One of the great benefits of Attribute Based Access Control (ABAC) is that it can be as coarse or fine-grained as you need it to be. You start with two attributes: role and data, and you have Role Based Access Control (RBAC). But from there, it gets much more interesting, as you can add as few or as many attributes as necessary to your authorization policy in order to control who can access what. Attributes such as time of day, location of user, device being used, etc. The context of each attribute is then taken into consideration at the time of request before access is granted or denied.

Read on to find out how you can use your policies built from attribute to define access control, enabling secure sharing, protection of critical assets and compliance with internal and regulatory requirements.

Attributes are used to express rich policies

Attribute Based Access Control Architecture

Attribute-Based Access Control (ABAC) uses attributes as building blocks in a structured language that defines access control rules and describes access requests. Attributes are sets of labels or properties that can be used to describe all the entities that must be considered for authorization purposes. Each attribute consists of a key-value pair such as “Role=Manager”.

The XACML standard

Axiomatics implements Attribute Based Access Control through XACML. The XACML policy language is as expressive as a natural language. For example, consider the following sentence: “A user wants to do something with an information asset in a given context”. A sentence like this includes four grammatical building blocks:

  • a subject
  • an action
  • a resource
  • the environment in which the request is made

Each of these can be described using attributes:

  • The subject who is demanding access to an information asset.
  • General attributes describing the subject, for instance roles, group memberships, the department/company to which the user belongs, management level, certifications or competencies, user ID, and so on, can often be retrieved from an HR system or directory (LDAP). These attributes may also be available in the token received from the authentication service used during login, for instance a SAML token.
  • The action that the user wants to perform.
  • Common action attributes in authorization requests are “read” and/or “write”. In more complex scenarios, the action may be described by a combination of attributes. When you access your online bank, the action may for instance be described by multiple attributes, such as “action type=transfer”, and “amount=$500”.
  • The resource identifying the information asset or object impacted by the action.
  • Resource attributes render the characteristics that identify the information asset. In the online banking example directly above, the resource most likely is your “debit account=<your account number>”, in a document management system, attributes typically correspond to the metadata or tags entered when the document is checked-in, in eHealth applications the resource is probably a part of the health record identified by the patient ID etc.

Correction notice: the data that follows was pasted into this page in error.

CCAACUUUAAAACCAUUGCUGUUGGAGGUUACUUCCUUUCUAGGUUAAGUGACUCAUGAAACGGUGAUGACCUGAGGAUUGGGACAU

• The environment identifying the context in which access is requested.
  • Common environment attributes are related to the current time and location from where access is requested, to the type of communication channel, such as protocol or encryption strength, or client type (PC, smartphone, etc.). Authentication strength may also be relevant to authorization. Context data can principally be of any type that is relevant to consider to minimize risks or to plan precautions: the number of transactions already made in the last 24 hours, normal user behavior patterns, relations to a third party, availability of related legal contracts etc.

Policy-based access control

Attribute evaluation then enables effective policy-based authorization. Let’s consider this example:

  • A policy states that “all users belonging to the sales department should have read access to proposals sent to customers within the sales region to which the user belongs”.
  • An access request evaluation based on the following attributes and attribute values should therefore return PERMIT:
  • Subject’s “department”=”sales”
  • Subject’s “sales region”=”NW”
  • Action=”read”
  • Resource “type”=”proposal document”
  • Resource “region”=”NW”

Attributes take system integration to a new level

Attributes are often retrieved from different information systems within the infrastructure. A policy can thus combine the state of data in many systems to resolve an authorization request. In the example, the user’s department may be retrieved from an HR system, the region from a CRM system and the document type from a document management system. Authorization thereby enables integration to support workflows that incorporate IT support from multiple IT systems, something that is virtually impossible to handle with traditional access control models.

For more information on the basics of ABAC, you may want to check out this whitepaper on the New School of Thought.



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